Lucky heather …

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The interior of Shetland’s Mainland is rugged and remote and almost completely lacking basic tourist infrastructure such as footpaths that most hikers take for granted.  We located the approximate position of our destination on the skyline using our map then set off across heather-covered blanket bog, slithering down peat hags and across small streams until we reached our destination.  This was not a good time to find that I had left an important part of my sampling kit back in the car.

I searched every pocket of my cagoule and rucksack but I could not find my bag of toothbrushes.   These are the basic sampling tool of every diatomist, perfect for removing most algae growing on the surface of submerged stones.   Yet here I was, in one of the most remote corners of the country,  facing a beautiful small loch, but without any means of collecting a sample.   Jon, my co-worker on this trip, looked around us: “can’t you use a piece of heather?”

And so that is what I did: I pulled up a few shoots of heather, gripped them between two fingers and used these, toothbrush style, to clean the brown film off the surface of stones.   I picked out a few leaves and stems out of the final suspension and poured this into my sample bottle.   Problem solved.

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Using a piece of heather (Calluna vulgaris) to sample diatoms from a loch in Shetland, October 2016.  The top photograph shows Lamba Water, Mainland (photographed above), during the same sampling trip.

Several of the stones that I picked up from the littoral zone of Lamba Water had slippery, gelatinous tufts which, when examined closely with the naked eye could be seen to be made of bead-like filaments which I recognised to be the red alga Batrachospermum (see “Algae … cunningly disguised as frog spawn”).    Under the microscope, the beaded appearance resolved into tufts of branches arising from a single main axis which, at low magnification, looked like a bottle brush.   Most of my previous encounters with this genus have been in hard water but Lamba Water has relatively soft water (alkalinity: 7 mg L-1 CaCO3; conductivity: 117 mS cm-1) and a slightly acid pH (6.4) due to the surrounding peat which stained the water a dark brown colour.   Browsing through my Flora, I did notice that many of the species listed do appear to have very broad ranges for conductivity that suggest a low sensitivity for rock type compared to other types of algae.   I would not like to make too much of this as the data in the Freshwater Algal Flora of the British Isles are relatively sparse, but it is something that would be interesting to pursue in the future.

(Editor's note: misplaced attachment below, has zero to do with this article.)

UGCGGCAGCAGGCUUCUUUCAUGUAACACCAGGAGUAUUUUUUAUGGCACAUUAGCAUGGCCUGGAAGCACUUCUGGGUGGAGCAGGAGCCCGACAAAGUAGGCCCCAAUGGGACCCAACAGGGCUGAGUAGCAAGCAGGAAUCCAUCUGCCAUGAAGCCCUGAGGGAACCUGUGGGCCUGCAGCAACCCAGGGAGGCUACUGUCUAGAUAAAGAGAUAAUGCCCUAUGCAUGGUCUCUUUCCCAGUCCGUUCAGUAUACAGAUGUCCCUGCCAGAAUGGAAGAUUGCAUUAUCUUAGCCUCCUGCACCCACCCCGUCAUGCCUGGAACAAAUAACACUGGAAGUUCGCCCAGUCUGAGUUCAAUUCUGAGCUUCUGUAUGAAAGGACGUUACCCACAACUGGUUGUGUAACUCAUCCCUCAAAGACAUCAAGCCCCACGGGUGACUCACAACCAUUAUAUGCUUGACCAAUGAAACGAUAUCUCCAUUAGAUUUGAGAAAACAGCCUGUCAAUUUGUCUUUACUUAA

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A tuft of Batrachospermum on a submerged cobble in the littoral zone of Lamba Water, Shetland Isles, October 2016.  Scale bar: approximately 1 centimetre.

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magnification; right hand image at 400x (scale bar: 20 micrometres (= 1/50th of a millimetre).

One of the characteristics of Shetland is a very diverse geology packed into a relatively small area and the following day’s excursions took us to a very different lake on the other side of Mainland.   This was Loch of Girlsta, much deeper than Lamba Water (it is the only loch on Shetland with a population of Arctic Charr, I understand) and influenced by a narrow band of limestone (although most of the catchment seems to be the standard Shetland blanket bog).   By this time, we were having to contend with rain as well as strong winds and our time on site was limited.  I did, however, have a chance to spot some dark brown hemispherical colonies, mostly 3-4 mm in diameter, on some of the submerged stones.  Although the hemispherical colonies first made me think of Rivularia, when I was back in warm and dry conditions and had a chance to look at it under my microscope, it turned out to be Tolypothrix, the cyanobacterium that we last encountered in Ennerdale Water (see “Tales from the splash zone”) which is, chemically, quite similar to Loch of Girlsta, though perhaps with less peat in the catchment.   Both are in catchments with so little human influence that algae need to resort to nitrogen fixation in order to obtain the nutrients that they need to grow.

As an illustration of the extraordinary geological and ecological diversity that we encountered in such a small area, Loch of Benston, the final loch that we visited, was almost entirely underlain by limestone, and had extensive Chara beds.

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Colonies of Tolypothrix cf distorta (arrowed)) on rocks in the littoral zone of Loch of Girlsta, Mainland, Shetland Isles, October 2016. 

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Microscopic view of a false branch of Tolypothrix cf distorta from Loch of Girlsta.  Scale bar: 10 micrometres (= 100th of a millimetre).

Back on the mainland (the British mainland, that is, rather than Shetland’s Mainland), it was the autumn colours that struck me, after a few days north of the treeline on Shetland.   The drive back south from Edinburgh took me through the wonderful array of brown, red and yellow hues of the Borders and Durham, itself, always looks spectacular at this time of year.   The diatom samples that I collected with those bunches of heather now need to be processed and, I’m sure, there will be more tales from the northern isles to tell once I’ve had a chance to look at these.

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Autumn colours on the Durham riverbanks, October 2016.

 

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